By ANDREW DeMILLO, Associated Press
LITTLE ROCK, Ark. (AP) — A member of a Los Angeles temple apologized Thursday for offering an internship in a U.S. senator's office as part of a charity auction that the founder of "Girls Gone Wild" says he won.
Chad Brownstein said he didn't get Sen. Mark Pryor's permission to list the internship and didn't think it would be posted online before he had a chance to check with the office. He apologized to Pryor, an Arkansas Democrat, in a letter Brownstein provided to The Associated Press.
A day earlier, Pryor asked the FBI to investigate who offered his internship in the auction benefiting the Wilshire Boulevard Temple.
"Girls Gone Wild" founder Joe Francis says he won the internship in the auction and planned to include it in a prize package for his TV contest, "The Search for the Hottest Girl in America." The temple has returned his money and he's no longer listing the internship as part of the prize package.
On Wednesday, Pryor's spokeswoman called the internship listing "a hoax" and alleged that the perpetrator was "fraudulently impersonating a U.S. senator."
"This proves this was not a hoax and I think the senator owes me an apology," Francis told The Associated Press in an interview Thursday.
Pryor released a statement reiterating that he has "never sold, auctioned or donated internships."
"I am glad the responsible party has come forward to clear up the matter," Pryor said. "I had already referred the case to the FBI, and it is now up to them to determine whether a crime has been committed."
Brownstein wrote that the temple had asked him if he could identify an internship that could be included in the auction. Brownstein said he had suggested the internship, but said he hadn't checked with Pryor's office beforehand.
"I didn't realize that the item would be posted before I had a chance to check with your office," Brownstein wrote. "Nor did I realize that it would be posted without the caveat that the person would have to be approved. Unfortunately, there was a miscommunication."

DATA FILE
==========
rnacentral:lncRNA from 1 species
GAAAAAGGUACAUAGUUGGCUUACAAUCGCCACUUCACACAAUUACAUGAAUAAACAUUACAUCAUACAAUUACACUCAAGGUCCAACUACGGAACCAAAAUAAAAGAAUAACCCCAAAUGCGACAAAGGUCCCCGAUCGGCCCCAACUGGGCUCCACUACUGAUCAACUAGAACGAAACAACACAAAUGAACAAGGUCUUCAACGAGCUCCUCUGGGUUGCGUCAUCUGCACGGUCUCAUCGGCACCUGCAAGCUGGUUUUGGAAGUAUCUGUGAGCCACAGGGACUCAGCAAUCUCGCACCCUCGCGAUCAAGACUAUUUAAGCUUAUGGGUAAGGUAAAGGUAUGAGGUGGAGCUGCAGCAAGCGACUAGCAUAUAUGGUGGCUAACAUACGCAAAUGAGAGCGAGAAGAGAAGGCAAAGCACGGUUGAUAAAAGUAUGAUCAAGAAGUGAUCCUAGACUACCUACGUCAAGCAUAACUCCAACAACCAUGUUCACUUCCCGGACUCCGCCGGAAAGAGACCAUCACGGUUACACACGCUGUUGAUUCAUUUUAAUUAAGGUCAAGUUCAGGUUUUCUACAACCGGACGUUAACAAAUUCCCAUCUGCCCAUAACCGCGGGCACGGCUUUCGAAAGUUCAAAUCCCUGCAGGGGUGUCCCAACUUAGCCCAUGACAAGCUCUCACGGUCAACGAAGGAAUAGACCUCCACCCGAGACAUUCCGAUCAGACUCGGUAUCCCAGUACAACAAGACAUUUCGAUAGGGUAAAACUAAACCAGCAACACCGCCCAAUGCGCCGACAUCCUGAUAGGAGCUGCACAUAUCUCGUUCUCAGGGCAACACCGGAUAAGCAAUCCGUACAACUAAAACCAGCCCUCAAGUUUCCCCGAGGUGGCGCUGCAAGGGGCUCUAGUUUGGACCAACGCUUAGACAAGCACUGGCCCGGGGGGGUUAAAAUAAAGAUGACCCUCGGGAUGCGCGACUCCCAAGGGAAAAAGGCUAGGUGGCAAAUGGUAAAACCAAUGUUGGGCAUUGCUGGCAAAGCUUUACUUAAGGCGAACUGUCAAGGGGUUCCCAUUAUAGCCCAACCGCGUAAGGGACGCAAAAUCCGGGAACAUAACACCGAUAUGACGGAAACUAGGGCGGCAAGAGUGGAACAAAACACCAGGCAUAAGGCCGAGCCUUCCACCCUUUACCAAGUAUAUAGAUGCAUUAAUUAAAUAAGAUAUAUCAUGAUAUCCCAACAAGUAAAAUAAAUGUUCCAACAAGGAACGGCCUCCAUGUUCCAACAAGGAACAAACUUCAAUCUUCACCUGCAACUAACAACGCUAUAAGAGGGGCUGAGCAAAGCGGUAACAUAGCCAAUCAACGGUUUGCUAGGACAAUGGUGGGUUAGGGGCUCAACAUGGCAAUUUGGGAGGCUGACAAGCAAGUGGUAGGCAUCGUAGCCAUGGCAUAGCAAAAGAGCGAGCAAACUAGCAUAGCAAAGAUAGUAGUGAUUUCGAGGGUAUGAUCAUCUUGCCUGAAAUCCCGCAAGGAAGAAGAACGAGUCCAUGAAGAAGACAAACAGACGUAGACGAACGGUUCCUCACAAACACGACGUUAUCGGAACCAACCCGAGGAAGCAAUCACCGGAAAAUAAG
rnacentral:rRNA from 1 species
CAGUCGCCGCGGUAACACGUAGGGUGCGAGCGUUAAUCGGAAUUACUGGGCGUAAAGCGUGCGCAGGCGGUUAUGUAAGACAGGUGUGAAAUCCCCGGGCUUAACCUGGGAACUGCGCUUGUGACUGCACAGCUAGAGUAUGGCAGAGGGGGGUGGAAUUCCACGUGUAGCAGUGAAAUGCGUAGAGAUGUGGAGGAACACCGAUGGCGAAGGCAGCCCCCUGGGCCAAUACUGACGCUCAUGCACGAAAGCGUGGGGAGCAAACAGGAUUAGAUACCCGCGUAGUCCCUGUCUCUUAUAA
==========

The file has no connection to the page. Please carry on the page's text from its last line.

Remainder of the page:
Brownstein, a private investor, donated $2,000 to Pryor's 2002 Senate bid and arranged a 2008 tour Pryor took of the Los Angeles temple. Brownstein confirmed to The Associated Press that he sent the letter, but declined further comment.
"I wish there were something else I could say other than I am sorry," Brownstein wrote in the letter. "All I can add is I realize the error in my judgment and will certainly never make this mistake again."
In the letter, Brownstein also denied a claim Francis made earlier Thursday that the internship was arranged by the Brownstein Hyatt Farber Schreck law firm. Norman Brownstein, Chad's father, is chairman of the law firm's board. The firm also issued a separate statement Thursday that it had nothing to do with the auction or the internship offered.
Carol Bovill, the temple's director of early childhood centers, said she did not know anything else about the auction and hung up on an Associated Press reporter when contacted Thursday afternoon. Bovill had said the auction was arranged as part of a private party to benefit the centers.
Francis, who has made a fortune marketing videotapes featuring young women flashing their breasts, announced the internship would be part of the contest winner's prize package after bidding on it during an online charity auction for a California temple last weekend.
Francis said there was "no better way to empower women" than to award the internship.
Andrew DeMillo can be reached at www.twitter.com/ademillo
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